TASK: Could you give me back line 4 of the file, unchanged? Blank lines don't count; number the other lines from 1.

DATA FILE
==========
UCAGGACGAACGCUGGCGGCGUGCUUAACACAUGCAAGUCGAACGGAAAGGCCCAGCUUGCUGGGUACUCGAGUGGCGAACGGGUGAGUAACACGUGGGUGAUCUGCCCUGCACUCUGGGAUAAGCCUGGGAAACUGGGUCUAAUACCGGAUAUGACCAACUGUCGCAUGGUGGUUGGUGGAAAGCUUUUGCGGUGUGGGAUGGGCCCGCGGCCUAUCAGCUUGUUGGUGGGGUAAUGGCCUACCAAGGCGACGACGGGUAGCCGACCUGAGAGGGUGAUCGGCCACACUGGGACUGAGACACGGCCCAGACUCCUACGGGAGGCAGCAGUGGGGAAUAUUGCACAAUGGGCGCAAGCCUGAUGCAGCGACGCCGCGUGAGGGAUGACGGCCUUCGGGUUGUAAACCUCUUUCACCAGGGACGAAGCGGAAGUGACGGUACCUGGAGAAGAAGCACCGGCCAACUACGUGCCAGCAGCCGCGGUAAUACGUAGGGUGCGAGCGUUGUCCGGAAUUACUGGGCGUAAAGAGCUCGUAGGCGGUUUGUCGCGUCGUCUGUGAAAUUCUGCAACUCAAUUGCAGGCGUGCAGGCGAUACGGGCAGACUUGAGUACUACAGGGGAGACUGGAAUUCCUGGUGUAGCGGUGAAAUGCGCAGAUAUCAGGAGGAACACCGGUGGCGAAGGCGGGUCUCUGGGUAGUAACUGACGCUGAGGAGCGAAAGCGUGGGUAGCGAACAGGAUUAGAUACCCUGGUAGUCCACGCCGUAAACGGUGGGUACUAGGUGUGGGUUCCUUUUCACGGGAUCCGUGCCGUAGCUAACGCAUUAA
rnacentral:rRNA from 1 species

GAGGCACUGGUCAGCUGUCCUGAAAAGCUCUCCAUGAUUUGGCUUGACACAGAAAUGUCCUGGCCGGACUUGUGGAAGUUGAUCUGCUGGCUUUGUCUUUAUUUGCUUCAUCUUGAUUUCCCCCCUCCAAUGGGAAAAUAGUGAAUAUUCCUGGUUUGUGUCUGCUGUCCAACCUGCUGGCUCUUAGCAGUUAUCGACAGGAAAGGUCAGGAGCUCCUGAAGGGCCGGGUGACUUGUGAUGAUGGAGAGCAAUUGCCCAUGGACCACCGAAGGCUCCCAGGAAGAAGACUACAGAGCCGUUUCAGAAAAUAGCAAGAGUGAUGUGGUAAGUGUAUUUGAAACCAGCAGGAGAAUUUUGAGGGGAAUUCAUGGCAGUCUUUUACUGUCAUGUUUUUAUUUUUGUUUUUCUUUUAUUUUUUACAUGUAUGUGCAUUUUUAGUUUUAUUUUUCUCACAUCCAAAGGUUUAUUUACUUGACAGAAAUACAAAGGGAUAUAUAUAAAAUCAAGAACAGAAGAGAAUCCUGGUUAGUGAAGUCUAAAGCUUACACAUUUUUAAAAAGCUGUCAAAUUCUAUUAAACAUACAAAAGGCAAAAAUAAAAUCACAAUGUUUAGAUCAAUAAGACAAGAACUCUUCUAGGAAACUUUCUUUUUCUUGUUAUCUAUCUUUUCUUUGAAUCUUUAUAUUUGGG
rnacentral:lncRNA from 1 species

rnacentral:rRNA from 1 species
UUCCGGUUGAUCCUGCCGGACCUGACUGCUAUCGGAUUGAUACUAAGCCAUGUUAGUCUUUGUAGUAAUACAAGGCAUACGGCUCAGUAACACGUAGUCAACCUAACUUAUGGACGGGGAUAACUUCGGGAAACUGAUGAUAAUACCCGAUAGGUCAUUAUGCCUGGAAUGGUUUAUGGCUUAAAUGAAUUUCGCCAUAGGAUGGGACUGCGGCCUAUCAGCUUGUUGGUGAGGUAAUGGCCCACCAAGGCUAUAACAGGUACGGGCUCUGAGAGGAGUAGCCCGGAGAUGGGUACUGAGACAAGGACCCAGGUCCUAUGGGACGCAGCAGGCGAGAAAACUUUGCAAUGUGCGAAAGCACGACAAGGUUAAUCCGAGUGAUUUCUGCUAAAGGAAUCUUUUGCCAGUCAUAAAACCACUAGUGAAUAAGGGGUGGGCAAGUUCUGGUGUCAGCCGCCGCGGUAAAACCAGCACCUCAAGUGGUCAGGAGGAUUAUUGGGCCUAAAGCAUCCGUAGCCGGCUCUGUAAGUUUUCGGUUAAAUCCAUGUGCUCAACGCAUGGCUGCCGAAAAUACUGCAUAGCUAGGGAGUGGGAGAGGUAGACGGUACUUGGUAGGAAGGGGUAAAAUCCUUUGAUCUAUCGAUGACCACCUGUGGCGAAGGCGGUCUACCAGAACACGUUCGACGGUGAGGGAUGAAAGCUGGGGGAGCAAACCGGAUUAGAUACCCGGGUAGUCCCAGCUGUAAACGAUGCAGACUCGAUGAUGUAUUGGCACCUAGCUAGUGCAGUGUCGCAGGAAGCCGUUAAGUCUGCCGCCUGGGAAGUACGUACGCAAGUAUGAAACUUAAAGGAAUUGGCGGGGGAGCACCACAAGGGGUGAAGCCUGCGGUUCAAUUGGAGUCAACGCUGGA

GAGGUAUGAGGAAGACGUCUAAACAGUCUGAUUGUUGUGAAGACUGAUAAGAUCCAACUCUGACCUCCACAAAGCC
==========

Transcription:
rnacentral:lncRNA from 1 species